Our 'Local Government Best Practices' series profiles innovators in the public sector who are bringing digital transformation to their municipality.
Today we're featuring Daniel Wyskochil, Business Process Analyst for the Village of Schaumburg, IL.
I've been with the Village for about 3 years now as an Analyst, but I wear many different hats. One of my biggest hats is that of "innovations expert," thinking outside the box, outside the government space. That entails bringing in and architecting solutions that satisfy government problems in a different way than has historically been done.
How did you get involved with local government?
I am not a government lifer; this is my first public sector role. I've been in technology and finance, which worked out for the best because the Village wanted that outside look. That's been my behind-the-scenes task: to develop private sector-like solutions for public sector problems. I wanted to get away from working for-profit, and more into working for service. As an employee, it's easier to do your job with a smile on your face when it's not just to push dollars around but to make an impact. In municipal government, it's your neighbors, family, and friends. I grew up in Schaumburg, so it hits close to home that I am helping to make interacting with the Village a better experience for everyone.
How did you first hear about SeamlessDocs?
Having been in Finance, technology is always at the forefront. There was a push toward digitizing workflow in my previous roles, but not so much in the public sector. It was through some research on my own looking for innovative solutions to age-old problems that I stumbled across SeamlessDocs. I dug in, asked questions in early 2016, got basic information, liked what I saw, and wrote an internal use case attributing my private sector experience to make the case for what I thought SeamlessDocs could do for the Village. I liked that SeamlessDocs was newer, and I saw in you a partner that could grow with us. I didn't want to contract a big corporation that would demand we take their product or leave it. SeamlessDocs offered a new solution that could be organic, live, and grow.
Why did you decide to go paperless?
Schaumburg is a robust municipality with resources, but when I started out, there still wasn't that electronic interaction happening between municipal staff and residents, or between staff and staff. There was paper pushing, there were archaic forms that were photocopied 15 times and scanned in. I knew I needed to simplify workflows and get rid of paper. Plus, Schaumburg has a big push for environmental activism, and paper processes were an obvious problem that 10/10 employees within the Village believed could be done better. Eventually, this slow whisper turned into a full conversation.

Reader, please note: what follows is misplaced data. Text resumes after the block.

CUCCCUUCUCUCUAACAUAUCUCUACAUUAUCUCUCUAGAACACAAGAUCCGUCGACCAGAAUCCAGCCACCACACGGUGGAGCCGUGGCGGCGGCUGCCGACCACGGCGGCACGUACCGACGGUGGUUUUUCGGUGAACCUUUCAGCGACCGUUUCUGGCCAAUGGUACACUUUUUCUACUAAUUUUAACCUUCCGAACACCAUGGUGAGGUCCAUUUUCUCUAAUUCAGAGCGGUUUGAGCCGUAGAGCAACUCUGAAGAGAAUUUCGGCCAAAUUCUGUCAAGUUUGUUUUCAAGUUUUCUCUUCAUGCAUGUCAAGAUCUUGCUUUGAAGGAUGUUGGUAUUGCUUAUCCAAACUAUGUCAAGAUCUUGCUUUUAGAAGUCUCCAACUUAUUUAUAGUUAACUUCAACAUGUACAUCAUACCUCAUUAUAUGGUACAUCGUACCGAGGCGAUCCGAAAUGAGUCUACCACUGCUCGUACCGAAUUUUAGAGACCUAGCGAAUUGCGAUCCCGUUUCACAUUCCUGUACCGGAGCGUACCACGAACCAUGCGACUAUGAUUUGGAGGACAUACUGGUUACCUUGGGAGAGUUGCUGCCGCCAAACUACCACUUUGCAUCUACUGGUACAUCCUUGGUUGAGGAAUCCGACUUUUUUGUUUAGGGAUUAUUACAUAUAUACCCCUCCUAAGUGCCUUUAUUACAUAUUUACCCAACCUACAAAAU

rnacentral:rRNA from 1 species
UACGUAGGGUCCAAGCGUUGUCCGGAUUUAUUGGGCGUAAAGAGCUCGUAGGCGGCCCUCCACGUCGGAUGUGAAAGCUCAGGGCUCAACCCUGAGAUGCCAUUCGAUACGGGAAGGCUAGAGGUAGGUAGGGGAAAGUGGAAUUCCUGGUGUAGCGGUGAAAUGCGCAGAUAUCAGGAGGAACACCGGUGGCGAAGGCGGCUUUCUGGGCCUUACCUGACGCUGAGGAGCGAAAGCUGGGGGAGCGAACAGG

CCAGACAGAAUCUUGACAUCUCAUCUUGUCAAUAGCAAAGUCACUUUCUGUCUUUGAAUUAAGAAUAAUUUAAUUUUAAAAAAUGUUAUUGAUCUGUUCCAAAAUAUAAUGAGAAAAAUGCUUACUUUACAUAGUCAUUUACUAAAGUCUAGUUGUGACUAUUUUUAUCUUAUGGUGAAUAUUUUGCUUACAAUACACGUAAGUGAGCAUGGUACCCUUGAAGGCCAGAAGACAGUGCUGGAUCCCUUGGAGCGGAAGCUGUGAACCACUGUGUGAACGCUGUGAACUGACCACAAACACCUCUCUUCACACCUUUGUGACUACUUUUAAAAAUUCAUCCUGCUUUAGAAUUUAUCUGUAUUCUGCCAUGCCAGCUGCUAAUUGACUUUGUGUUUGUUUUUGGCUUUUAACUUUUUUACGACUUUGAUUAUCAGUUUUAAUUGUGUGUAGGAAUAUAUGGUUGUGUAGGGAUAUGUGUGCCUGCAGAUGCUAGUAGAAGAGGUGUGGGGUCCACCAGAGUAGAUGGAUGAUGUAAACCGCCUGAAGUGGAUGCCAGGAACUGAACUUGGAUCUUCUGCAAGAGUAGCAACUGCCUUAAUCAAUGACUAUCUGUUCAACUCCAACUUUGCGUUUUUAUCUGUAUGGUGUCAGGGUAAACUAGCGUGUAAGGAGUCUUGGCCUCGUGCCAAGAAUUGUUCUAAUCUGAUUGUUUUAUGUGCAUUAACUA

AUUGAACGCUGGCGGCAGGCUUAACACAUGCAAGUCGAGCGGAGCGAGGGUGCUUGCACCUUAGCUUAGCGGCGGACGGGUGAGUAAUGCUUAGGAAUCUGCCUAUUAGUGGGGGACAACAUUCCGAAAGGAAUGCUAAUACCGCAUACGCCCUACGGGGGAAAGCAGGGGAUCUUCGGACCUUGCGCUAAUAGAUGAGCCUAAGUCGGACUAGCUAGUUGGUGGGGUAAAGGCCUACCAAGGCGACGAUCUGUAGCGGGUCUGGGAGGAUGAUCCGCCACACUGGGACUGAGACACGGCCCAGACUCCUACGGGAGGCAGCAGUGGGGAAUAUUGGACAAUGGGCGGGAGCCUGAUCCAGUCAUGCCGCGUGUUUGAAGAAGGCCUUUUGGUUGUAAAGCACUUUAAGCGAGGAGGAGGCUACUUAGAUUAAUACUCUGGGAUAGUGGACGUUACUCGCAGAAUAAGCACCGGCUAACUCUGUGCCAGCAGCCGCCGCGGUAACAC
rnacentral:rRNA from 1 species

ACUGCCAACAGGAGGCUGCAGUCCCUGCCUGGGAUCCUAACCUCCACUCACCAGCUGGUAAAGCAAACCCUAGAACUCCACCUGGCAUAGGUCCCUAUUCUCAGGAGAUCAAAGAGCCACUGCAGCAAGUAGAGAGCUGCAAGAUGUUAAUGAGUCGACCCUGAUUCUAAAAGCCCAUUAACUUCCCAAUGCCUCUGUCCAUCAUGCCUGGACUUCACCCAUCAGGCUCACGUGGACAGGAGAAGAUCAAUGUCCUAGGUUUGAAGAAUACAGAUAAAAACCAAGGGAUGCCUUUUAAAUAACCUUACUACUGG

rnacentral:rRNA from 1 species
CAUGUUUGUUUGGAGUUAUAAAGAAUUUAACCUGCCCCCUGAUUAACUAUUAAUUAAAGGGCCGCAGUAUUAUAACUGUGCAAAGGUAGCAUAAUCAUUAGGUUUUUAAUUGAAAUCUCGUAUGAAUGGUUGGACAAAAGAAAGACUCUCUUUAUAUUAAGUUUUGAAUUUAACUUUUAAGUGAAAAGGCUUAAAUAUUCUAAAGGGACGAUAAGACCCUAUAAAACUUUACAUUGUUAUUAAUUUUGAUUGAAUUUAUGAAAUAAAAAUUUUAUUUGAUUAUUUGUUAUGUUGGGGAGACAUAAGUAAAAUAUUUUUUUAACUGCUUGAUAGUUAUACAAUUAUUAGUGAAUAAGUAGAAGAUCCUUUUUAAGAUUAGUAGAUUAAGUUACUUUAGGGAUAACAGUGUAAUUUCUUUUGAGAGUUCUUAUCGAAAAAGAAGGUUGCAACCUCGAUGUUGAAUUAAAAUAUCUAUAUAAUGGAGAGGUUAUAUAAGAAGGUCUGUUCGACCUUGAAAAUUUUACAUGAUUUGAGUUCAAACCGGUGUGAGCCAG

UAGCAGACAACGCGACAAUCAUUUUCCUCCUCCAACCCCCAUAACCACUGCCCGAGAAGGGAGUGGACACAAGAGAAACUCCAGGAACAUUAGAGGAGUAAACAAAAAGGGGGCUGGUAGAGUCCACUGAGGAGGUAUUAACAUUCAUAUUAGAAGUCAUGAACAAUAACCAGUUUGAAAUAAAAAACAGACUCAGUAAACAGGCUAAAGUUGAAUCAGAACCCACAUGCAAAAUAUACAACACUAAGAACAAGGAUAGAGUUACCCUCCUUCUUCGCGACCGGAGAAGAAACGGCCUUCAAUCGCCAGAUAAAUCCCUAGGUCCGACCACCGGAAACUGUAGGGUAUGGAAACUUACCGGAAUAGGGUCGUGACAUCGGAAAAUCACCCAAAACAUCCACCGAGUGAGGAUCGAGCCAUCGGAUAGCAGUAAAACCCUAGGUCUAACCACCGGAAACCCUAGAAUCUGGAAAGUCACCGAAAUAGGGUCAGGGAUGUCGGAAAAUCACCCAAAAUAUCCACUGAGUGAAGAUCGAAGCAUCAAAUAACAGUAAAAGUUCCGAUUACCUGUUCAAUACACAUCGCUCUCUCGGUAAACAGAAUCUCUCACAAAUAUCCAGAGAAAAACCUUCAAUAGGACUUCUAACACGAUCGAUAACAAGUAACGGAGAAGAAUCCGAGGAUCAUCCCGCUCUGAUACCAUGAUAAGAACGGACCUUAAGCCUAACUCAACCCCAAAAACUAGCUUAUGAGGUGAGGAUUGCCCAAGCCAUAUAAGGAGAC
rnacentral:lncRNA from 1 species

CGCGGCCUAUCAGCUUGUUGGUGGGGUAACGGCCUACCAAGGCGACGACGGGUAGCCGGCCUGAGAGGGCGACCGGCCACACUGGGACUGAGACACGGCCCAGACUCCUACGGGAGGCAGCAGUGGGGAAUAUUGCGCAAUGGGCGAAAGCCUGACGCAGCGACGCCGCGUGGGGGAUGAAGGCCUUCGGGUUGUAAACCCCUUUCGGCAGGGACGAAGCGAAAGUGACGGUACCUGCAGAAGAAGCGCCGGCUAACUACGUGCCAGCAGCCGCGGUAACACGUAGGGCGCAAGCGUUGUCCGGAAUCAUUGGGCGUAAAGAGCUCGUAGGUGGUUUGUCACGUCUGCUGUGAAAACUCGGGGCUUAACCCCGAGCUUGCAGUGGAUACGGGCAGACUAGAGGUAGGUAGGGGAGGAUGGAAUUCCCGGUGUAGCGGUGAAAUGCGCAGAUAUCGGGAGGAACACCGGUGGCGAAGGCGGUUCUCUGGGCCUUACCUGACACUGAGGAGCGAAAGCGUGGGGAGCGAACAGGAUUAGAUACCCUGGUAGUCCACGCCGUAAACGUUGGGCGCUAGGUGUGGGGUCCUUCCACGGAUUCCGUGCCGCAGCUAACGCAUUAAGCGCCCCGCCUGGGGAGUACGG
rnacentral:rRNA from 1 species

Beautiful Government doesn't just preach collaboration and cohesiveness, but actually shows results through those facets.
What was implementation of SeamlessDocs like?
There was some internal hesitation at first, since SeamlessDocs was a new thing we had to learn to make it beneficial for us. But my implementation was focused on those who had the strongest appetite and desire, such as the HR department, since they're one of the biggest users of documentation and signature-based workflow. We demoed a couple internal HR forms used on a daily or weekly basis, and we started small and simple – 4 or 5 different forms over a few weeks.
We got feedback, SeamlessDocs added new features and functionality, and then we witnessed a snowball effect of usage. I started to back away and allow HR to run with it, implementing forms at their own will. HR has since developed 50+ forms & workflow on their own, and SeamlessDocs is picking up among other folks in other divisions and departments. "Crawl, walk, run" was a critical approach for us.
Name one form or process that's been changed by SeamlessDocs
I'm currently digitizing a business license application that all business have to complete regardless of size or scope. In going digital, we found that there are other ancillary processes in the background that could be automated. Before the application, for instance, an occupancy inspection must occur, and a certificate of occupancy must be issued. These were all disparate processes and forms that could result in a negative customer experience. If we have a business owner come in to complete a business certificate of occupancy form and schedule an inspection, they have to come back after the inspections and speak with the Finance department. Applicants were complaining that this was redundant and inconvenient. We now simplify it into one electronic form to provide the customer with all the information they need to input upfront.
What's your favorite SeamlessDocs feature?
I've got a few. I like the if-then conditionals when I'm using the web forms, because we have a lot of processes with if-thens. Being able to custom tailor the experience is a big win for us, because it helps create a simple process if that's what it needs to be. My other favorite feature is the Wizard, because front-loading PDF docs with data pulled from a web form joins the best of both worlds.
Advice for another municipality just starting out with SeamlessDocs?
You want to have either one or a group of people that from Day 1 embrace SeamlessDocs, understand the product, and get their toes wet. Then go out and champion the product, find your cheerleaders and get them on-board right away. Make it a partnership, don't just go in as IT. You've got to be collaborative to generate ideas, but also allow cheerleaders to cheerlead to rest of organization and get other people to buy into it. Shift government paradigms through positive word-of-mouth experiences, then the product sells itself.